|Problems? Is your data what you think it is?|
Re: Re: OT - Unix Administration - What's needed?by andreychek (Parson)
|on Jun 11, 2001 at 17:30 UTC||Need Help??|
> Be prepared to work long and odd hours (the
> mailserver always goes down at 5 PM on Friday
> night, or 3 AM Monday morning). Your pager will
> go off all the time. Forget your social live -
> you'll see the inside of the server room most of
> the time you are awake - sometimes even 24 hours a
While this is probably the case for many unfortunate sysadmins, I happen to be one of the lucky few with an 8-5 UNIX (well, Linux) sysadmin job. But I suppose what it comes down to is, who you are sysadmining for?
The system I keep up and running is for users who are only in the building between 8 and 5 on the weekdays. Almost none of them ever works late (and no, it's not government work ;-), and weekend work is almost nil. The 2.5 years I've been here, the only weekend I came in to work was for a few hours one Saturday morning for Y2K testing.
Also, we don't host any in-house apps that customers would need to view from the web, we are currently outsourcing that portion of our business. So if that goes down, some unfortunate person at the local ISP will have to handle that work. However, that may not last as our needs for more flexibility grow.
We are also lucky here in that the users don't typically push the limits. On the weekends, people don't want to think about work. So they have no desire to check their email remotely. With that in mind -- if by chance the mail server does go down, our ISP is nice enough to queue all our mail for us until we fix up the server Monday morning. Nobody will miss it while it's down.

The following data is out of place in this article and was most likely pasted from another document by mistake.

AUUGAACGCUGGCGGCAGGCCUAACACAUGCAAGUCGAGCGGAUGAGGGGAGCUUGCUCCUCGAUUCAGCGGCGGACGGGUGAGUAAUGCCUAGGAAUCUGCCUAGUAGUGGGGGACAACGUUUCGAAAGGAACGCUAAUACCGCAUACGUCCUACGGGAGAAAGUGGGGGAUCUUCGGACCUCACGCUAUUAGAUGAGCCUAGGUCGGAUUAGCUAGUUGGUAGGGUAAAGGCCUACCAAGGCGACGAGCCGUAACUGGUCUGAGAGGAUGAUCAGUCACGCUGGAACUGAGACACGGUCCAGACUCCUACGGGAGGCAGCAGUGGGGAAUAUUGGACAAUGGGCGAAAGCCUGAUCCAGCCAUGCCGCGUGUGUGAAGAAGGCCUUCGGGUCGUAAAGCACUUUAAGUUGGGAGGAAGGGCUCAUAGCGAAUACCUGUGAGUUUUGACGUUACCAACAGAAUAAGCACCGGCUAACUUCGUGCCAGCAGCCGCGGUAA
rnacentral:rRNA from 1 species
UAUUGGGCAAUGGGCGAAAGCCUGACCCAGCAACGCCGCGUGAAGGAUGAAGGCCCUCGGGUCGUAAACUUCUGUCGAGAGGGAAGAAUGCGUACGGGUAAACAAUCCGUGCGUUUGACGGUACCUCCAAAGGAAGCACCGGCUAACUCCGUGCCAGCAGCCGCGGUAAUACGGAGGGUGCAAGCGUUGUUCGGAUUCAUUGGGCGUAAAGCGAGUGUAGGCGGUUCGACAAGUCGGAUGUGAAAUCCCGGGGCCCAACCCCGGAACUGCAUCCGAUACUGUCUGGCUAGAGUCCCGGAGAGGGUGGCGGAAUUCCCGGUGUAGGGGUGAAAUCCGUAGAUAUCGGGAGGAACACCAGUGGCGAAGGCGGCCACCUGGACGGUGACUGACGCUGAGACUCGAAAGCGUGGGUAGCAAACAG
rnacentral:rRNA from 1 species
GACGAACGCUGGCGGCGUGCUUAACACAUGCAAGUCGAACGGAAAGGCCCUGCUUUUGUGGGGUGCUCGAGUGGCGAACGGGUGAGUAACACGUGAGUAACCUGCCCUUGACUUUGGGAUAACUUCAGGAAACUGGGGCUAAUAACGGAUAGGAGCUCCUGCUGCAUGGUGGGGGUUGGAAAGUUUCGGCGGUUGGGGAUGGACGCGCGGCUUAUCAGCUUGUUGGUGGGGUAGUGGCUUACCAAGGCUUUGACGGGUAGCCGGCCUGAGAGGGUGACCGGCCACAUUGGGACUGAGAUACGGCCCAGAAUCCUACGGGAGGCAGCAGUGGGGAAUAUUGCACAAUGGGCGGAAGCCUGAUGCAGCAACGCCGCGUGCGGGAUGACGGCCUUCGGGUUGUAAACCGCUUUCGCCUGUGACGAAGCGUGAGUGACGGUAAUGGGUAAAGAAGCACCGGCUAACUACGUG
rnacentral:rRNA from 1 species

Our management is kind enough to respect the difference between work time and personal time. However, I can't say that on some weekends I don't get curious and ssh in to the servers to see what all is going on. If you are looking to save yourself some grief, by all means make sure you set up some tools to monitor the systems, to both watch over your services, and to keep an eye on security. The tools "Big Brother" and "Log Check" are good for that sort of thing.
I have to say though, the thing that really helps keep management off our backs here is the fact that these Linux boxes just never seem to go down. Our DNS servers have uptimes over half a year, and the Linux router we use has over a 400 day uptime. So I tend to sleep very well at night :-)
Does this mean everything is always peachy at where I work? Heavens no. While the boxes stay up, someone has to make sure the services running on them are still working properly. Now, Big Brother helps here, but there's just some things it won't find. We once had an extremely odd issue with one of our DNS servers. The service still allowed you to connect to it, but it was apparently giving back bogus information. Now, I'll tell you, sendmail just didn't like that at all. So instead of quietly accepting that bogus information, or not accepting emails at all, do you know what it decided to do? It decided to take every email that came into our system, and duplicate it hundreds of times. Now, thats all good, but of course this happens on Saturday... and the day after my boss signed up on a high traffic mailing list... and it was one of the weekends where I did NOT happen to check up on things. So, needless to say, it was a messy Monday morning :-)
In any case though, you'll have alot of fun, not much beats a good UNIX/Linux sysadmin job.